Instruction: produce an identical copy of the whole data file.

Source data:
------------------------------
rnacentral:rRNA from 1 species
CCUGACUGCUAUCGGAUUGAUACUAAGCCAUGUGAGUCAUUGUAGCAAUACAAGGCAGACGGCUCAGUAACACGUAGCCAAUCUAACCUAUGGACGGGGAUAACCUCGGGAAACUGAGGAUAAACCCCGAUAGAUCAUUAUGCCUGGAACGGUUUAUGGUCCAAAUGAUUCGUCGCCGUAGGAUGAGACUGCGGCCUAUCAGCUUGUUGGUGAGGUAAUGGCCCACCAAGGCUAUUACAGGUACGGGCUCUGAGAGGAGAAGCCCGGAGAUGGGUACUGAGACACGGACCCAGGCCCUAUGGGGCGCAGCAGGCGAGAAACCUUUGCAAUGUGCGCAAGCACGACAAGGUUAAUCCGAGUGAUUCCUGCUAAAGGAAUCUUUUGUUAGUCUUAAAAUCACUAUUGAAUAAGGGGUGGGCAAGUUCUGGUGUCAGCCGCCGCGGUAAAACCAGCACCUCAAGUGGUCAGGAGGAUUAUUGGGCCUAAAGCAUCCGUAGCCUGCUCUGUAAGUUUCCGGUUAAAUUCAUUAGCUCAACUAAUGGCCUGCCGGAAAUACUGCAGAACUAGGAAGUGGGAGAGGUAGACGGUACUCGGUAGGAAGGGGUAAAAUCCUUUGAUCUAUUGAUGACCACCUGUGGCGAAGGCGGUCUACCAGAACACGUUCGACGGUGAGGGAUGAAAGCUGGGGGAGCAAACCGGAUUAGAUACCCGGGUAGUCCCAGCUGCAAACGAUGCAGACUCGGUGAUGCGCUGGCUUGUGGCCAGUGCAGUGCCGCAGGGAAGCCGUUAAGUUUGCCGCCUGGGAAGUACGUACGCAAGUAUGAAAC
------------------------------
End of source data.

rnacentral:rRNA from 1 species
CCUGACUGCUAUCGGAUUGAUACUAAGCCAUGUGAGUCAUUGUAGCAAUACAAGGCAGACGGCUCAGUAACACGUAGCCAAUCUAACCUAUGGACGGGGAUAACCUCGGGAAACUGAGGAUAAACCCCGAUAGAUCAUUAUGCCUGGAACGGUUUAUGGUCCAAAUGAUUCGUCGCCGUAGGAUGAGACUGCGGCCUAUCAGCUUGUUGGUGAGGUAAUGGCCCACCAAGGCUAUUACAGGUACGGGCUCUGAGAGGAGAAGCCCGGAGAUGGGUACUGAGACACGGACCCAGGCCCUAUGGGGCGCAGCAGGCGAGAAACCUUUGCAAUGUGCGCAAGCACGACAAGGUUAAUCCGAGUGAUUCCUGCUAAAGGAAUCUUUUGUUAGUCUUAAAAUCACUAUUGAAUAAGGGGUGGGCAAGUUCUGGUGUCAGCCGCCGCGGUAAAACCAGCACCUCAAGUGGUCAGGAGGAUUAUUGGGCCUAAAGCAUCCGUAGCCUGCUCUGUAAGUUUCCGGUUAAAUUCAUUAGCUCAACUAAUGGCCUGCCGGAAAUACUGCAGAACUAGGAAGUGGGAGAGGUAGACGGUACUCGGUAGGAAGGGGUAAAAUCCUUUGAUCUAUUGAUGACCACCUGUGGCGAAGGCGGUCUACCAGAACACGUUCGACGGUGAGGGAUGAAAGCUGGGGGAGCAAACCGGAUUAGAUACCCGGGUAGUCCCAGCUGCAAACGAUGCAGACUCGGUGAUGCGCUGGCUUGUGGCCAGUGCAGUGCCGCAGGGAAGCCGUUAAGUUUGCCGCCUGGGAAGUACGUACGCAAGUAUGAAAC